SARATOGA SPRINGS, NY – So-called “compromise” legislation raising the federal debt ceiling while cutting social programs will mean higher healthcare costs for everyone, fewer hospitals and nursing homes and fewer hospital-sponsored educational opportunities. It has also spurred local protests.
The U.S. Senate is expected to vote at noon today to follow the House in approving legislation to eliminate $1 trillion from the federal budget now and an additional $1 trillion over the coming decade while allowing the government to fulfill current obligations which will push it above the current debt ceiling.
(More information: LA Times).
Cutting 2 percent of federal revenues from Medicare/Medicaid beginning in 2013, noted Dan Sisto of the Healthcare Association of New York, will have broad consequences on an industry already beleaguered by $2.8 billion in state cuts. Sisto made public comments in an interview with Nick Reisman of YNN television Monday night.
“Seniors are at risk … but so are others for payments but seniors because eventually, access is going to denied,” Sisto said. He noted the closing of 30 NY state hospitals and 51 nursing homes in the past two years. “Sixty percent (of hospital revenue) is Medicare/Medicaid,” Sisto said. As Medicare/Medicaid patients are served below cost, hospitals make up the difference with their non-program business; therefore, Sisto said, everyone else will pay more (and private insurance costs increase).
Hospitals providing educational opportunities, he said, will be hard-pressed to grow, expand, or even maintain them under the weight of this financial pressure.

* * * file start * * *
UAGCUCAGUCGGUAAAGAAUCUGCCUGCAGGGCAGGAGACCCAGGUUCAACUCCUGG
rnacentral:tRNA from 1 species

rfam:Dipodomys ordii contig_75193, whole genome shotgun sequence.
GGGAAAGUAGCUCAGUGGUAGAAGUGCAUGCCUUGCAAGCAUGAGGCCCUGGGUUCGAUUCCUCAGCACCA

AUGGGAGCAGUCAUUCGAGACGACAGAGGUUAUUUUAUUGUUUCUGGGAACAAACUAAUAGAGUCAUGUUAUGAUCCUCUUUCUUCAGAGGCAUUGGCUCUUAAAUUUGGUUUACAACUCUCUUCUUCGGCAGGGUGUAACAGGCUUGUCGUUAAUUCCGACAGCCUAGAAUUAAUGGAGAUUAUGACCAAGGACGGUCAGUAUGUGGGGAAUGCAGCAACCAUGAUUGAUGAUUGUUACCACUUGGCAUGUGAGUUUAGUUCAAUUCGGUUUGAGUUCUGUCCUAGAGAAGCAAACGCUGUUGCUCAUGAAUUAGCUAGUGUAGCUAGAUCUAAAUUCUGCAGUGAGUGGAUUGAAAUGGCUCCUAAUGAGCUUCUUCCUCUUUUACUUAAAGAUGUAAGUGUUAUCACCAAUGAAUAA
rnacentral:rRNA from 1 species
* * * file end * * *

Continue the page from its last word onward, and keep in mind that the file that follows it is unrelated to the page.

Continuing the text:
Some observers – even late-night comics — have pointed out that there is no compromise – it simply gives the “Tea Party” element of the Republican Party everything it wants.
At noon today a group of people in downtown Saratoga Springs will once be at 20th District U.S. Rep. Chris Gibson’s office (it’s over there by the Roohan Realty/Community Theater building) to protest the Republican Party’s continuing efforts to force cuts to Medicare and other social programs while protecting G.W. Bush-era tax cuts for the very wealthy and corporate tax subsidies, etc.
This follows what some Dems saw as an unconscionable attempt by the G.O.P. to embarrass President Obama and the Democratic Party and extort some of the very cuts proposed by threatening to force the federal government into default.
The depth of the recession was underscored by Monday’s report that U.S. manufacturing was nearly flat in July.
Gibson (R-Kinderhook), voted Monday in favor of the compromise bill to avert default.